The technology adoption curve, part three

The technology adoption curve, part three. The Late Majority. Without stating the obvious, the Late Majority always follow the Early Majority when it comes to the adoption of new technologies. And although the Late Majority represent exactly the same proportion (34%) of the general population as the Early Majority, timing isn’t the only factor that distinguishes the two.

More…These types of consumers are extremely risk averse, tending to only use new products and services once they have become mainstream. Importantly, these people do not really listen to opinion and are not influenced by others to use something new. So, from a relationship perspective, whereas Early Adopters follow the views of Innovators and the Early Majority are influenced by the Early Adopters, the Late Majority decide for themselves when they will take a service.

On this basis, ease of use and price both play large roles for this consumer group. Late Majority segments are typically triggered to purchase when a service is packaged or bundled together, thus inferring value and ease of use. This is importantly from a psychological perspective because in this scenario they think they have been smart to wait as long as they have to take a service. They see the purchase decision as highly considered.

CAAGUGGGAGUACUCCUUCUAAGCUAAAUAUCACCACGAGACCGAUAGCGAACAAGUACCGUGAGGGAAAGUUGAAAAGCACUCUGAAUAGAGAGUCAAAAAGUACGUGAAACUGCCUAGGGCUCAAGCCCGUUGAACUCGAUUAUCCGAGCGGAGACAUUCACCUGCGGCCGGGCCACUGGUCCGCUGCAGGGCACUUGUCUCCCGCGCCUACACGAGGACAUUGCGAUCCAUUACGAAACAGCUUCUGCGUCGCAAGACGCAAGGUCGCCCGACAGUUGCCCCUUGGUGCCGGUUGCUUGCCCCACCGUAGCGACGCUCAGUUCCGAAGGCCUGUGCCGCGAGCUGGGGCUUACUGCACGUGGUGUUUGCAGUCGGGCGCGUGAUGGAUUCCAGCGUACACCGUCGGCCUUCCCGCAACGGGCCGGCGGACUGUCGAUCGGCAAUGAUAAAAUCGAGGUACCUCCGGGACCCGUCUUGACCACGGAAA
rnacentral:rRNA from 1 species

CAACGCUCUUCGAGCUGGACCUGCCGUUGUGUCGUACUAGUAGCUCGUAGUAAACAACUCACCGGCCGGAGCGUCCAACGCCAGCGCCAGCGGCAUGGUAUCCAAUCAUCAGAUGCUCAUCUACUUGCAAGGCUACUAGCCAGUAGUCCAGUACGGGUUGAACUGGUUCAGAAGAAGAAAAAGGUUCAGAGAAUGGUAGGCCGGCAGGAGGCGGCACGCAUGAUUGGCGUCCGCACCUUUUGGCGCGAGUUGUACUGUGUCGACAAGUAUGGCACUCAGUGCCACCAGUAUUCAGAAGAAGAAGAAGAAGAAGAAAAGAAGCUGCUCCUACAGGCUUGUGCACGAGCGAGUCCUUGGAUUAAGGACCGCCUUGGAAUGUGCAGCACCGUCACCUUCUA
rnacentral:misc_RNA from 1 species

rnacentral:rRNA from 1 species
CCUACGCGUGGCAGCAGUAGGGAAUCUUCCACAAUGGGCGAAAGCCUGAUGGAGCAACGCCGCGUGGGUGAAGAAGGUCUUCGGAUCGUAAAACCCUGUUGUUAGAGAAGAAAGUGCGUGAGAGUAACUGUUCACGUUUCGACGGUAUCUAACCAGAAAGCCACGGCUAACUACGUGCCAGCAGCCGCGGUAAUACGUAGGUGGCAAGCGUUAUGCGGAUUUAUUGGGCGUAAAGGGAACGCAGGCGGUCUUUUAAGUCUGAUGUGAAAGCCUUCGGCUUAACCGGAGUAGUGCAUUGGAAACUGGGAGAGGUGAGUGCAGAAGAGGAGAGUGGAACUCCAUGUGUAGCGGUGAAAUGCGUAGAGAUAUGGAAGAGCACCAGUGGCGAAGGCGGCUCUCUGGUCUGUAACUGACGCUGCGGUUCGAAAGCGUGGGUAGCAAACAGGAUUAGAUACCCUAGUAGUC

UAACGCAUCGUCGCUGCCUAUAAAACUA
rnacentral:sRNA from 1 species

From advertising and direct marketing perspectives, these people can not really be motivated to purchase. Sure, they would have seen a lot of the activity promoting a category/product/service but as the ultimate decision making process is firmly theirs, the Late Majority have to be seen as a group of people who will come on board eventually.
Part one: Innovators and Early Adopters

Part two: Early Majority